WS2812B are easy to control with the neopixel library. From a hardware perspective they are also easy to place. Each one has an input pin and output pin allowing them to be chained together. Generally, like in the case of the motor board, you want a friendly neighbor capacitor next to each to avoid issues but it’s fine with a single onboard LED like this.

Lesson 2 WS2812 Control

Lesson 3 Buzzer Control

In this lesson the Adeept team show how to control the associated buzzer.

self._buzzer = pwmio.PWMOut(board.GP26, duty_cycle=0, frequency=440, variable_frequency=True)

def playtone(self, frequency):
    self._buzzer.duty_cycle = 65535 // 2  # Half-full duty ratio
    self._buzzer.frequency = frequency

while True:

I’ve attached the important pieces above. They setup pin 26 as a PWM output. They then set the frequency updating it to various tones at a 1 second interval. Additional frequencies could have been used here as well.

Here is the associated part of the motor shield schematic for the buzzer:

Lesson 3 Buzzer

Lesson 4 Servo Control

This is a fun one if you have kids. Upon running this script the robot head will turn from one side to the other. You may remember the setup instructions had us run the servo setup script initially and as such the robot is able to move the entire 180 degree range in front of it.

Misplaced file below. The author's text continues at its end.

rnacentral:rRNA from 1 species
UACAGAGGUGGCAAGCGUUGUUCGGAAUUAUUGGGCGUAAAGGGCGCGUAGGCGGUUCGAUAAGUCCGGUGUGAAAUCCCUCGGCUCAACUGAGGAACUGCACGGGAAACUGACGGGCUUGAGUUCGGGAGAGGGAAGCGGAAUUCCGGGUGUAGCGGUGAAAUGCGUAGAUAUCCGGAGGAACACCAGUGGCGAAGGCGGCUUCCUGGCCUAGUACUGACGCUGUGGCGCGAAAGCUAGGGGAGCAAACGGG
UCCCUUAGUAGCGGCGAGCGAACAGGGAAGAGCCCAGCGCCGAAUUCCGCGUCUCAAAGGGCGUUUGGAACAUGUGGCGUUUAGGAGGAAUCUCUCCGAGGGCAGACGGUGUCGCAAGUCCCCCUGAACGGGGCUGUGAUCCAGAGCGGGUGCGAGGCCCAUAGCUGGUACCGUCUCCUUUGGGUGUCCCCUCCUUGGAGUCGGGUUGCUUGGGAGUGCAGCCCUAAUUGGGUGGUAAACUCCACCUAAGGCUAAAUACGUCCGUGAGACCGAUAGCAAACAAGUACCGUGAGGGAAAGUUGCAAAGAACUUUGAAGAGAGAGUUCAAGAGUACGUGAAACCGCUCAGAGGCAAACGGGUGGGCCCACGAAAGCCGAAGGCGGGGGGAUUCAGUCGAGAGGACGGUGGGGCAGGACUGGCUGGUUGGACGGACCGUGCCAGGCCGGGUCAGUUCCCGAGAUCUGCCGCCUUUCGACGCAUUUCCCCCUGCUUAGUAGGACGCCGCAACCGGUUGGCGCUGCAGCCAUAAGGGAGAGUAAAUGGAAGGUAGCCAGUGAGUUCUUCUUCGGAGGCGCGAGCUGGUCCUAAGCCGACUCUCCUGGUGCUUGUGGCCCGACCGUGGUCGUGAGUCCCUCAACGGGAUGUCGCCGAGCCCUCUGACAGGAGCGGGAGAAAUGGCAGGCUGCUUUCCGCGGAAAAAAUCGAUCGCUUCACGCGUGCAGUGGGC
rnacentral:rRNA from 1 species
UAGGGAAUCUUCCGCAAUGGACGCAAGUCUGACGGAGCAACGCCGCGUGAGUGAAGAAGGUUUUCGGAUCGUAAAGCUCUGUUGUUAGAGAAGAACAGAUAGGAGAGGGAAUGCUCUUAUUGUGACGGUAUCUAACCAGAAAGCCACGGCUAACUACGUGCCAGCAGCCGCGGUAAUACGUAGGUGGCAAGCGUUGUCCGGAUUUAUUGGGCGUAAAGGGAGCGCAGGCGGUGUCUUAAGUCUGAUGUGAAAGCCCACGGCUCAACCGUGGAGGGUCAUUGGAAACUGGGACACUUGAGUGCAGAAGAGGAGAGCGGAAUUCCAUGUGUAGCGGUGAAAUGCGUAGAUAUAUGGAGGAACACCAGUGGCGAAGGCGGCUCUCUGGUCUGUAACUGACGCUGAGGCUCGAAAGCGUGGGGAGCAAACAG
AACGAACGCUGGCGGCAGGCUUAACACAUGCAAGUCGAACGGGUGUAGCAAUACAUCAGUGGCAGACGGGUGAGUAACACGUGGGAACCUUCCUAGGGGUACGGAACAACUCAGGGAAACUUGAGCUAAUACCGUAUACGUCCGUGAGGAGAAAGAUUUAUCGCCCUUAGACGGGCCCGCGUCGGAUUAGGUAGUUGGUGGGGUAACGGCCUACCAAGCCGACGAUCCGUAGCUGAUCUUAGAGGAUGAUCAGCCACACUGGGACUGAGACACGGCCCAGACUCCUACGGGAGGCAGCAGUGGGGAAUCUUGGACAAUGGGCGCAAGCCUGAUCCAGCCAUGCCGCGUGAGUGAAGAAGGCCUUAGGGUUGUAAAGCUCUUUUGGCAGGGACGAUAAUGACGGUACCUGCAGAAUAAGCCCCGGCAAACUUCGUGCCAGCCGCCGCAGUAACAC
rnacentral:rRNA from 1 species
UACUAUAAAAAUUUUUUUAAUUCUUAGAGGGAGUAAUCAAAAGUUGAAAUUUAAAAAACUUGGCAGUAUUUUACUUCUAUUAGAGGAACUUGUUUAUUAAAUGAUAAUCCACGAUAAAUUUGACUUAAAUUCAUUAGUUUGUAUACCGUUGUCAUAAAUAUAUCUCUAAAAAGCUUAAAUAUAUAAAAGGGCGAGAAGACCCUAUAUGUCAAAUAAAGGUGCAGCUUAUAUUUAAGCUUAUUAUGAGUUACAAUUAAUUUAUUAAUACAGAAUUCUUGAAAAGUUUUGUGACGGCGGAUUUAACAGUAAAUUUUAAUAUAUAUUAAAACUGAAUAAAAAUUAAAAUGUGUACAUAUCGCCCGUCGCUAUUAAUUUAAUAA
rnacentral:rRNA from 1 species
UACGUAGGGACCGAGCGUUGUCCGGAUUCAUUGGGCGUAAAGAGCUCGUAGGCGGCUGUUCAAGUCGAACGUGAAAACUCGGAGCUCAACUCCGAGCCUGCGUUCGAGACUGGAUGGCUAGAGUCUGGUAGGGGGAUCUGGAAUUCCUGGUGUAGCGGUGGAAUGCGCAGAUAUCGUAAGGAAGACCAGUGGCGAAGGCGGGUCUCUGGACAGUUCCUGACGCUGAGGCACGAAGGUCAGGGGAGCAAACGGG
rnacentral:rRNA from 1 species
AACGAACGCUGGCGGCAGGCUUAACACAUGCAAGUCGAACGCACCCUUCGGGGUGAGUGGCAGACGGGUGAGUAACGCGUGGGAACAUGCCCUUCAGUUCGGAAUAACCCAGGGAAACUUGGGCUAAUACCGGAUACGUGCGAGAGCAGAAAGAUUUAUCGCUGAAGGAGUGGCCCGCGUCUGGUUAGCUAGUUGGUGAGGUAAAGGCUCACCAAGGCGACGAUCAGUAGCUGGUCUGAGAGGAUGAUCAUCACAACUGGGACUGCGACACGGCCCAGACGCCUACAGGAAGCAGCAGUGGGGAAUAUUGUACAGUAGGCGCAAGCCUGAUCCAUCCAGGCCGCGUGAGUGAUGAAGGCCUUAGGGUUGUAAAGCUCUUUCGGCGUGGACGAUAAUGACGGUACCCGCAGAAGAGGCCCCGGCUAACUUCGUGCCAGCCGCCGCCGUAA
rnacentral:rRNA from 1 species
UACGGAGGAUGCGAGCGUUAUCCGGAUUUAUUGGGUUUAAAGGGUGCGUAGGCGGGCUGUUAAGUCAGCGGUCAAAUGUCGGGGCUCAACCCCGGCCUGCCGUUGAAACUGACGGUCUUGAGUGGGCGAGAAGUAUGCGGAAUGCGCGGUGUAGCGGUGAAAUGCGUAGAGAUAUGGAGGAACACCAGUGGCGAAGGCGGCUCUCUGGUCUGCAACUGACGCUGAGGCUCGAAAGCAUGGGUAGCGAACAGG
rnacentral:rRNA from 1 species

The frequency of the servo is set at 50 Hz which is the frequency required for the Adeept servos.

They provide a mapping function to help set the servo location. When the values for the hardcoded angle and pwm min and max the function becomes:

return (x - in_min)/(in_max - in_min)*(out_max - out_min) + out_min return (angle - -90)/(90 - -90)*(2500 - 500) + 500 return (angle + 90)/(180)*(2000) + 500

For -90 that would give us: 0/180*2000 + 500 or 500 For 0 that would give us 90/180 * 2000 + 500 or 1500 And for 90 that would give us 180/180 + 2000 + 500 or 2500

With the period of 65535 these become: -90 duty cycle: 500/20000 = 2.5% duty cycle 0 duty cycle: 1500/20000 = 7.5% duty cycle 90 duty cycle: 2500/20000 = 12.5% duty cycle

The 20000 here is 1000000/50 which accounts for the 50 Hz frequency.

These values correspond with the expected PWM duty cycles to turn the servo from the -90 to the +90 range (180 degrees total).

This was helpful for me as I haven’t done much with servos so spending the time learning why this worked has given me a boost of confidence with robotics.

Lesson 5 Ultrasonic Control

The next lesson they show how to control the Ultrasonic distance module. They used a common module for the robot, the HC-SR04. I have a couple of these on hand from random electronics kits in the past but I am a big fan of using them as literal eyes of the robot as the Adeept team did here. My daughter calls the robot the “Kitty Robot” as a result and I think it really helps the module blend in.

Going to highlight a few sections of this example:

#Define output(trig) and input(echo) Pin.
self._trig = pwmio.PWMOut(board.GP3, frequency=10000, duty_cycle=0)
self._echo = digitalio.DigitalInOut(board.GP2)
self._echo.direction = digitalio.Direction.INPUT

def get_distance(self):
    # Send a pulse to the trig Pin
    self._trig.duty_cycle = 0
    self._trig.duty_cycle = 65535
    self._trig.duty_cycle = 0
    # Wait for the echo pin to become high
    while self._echo.value == False:
    # Record start time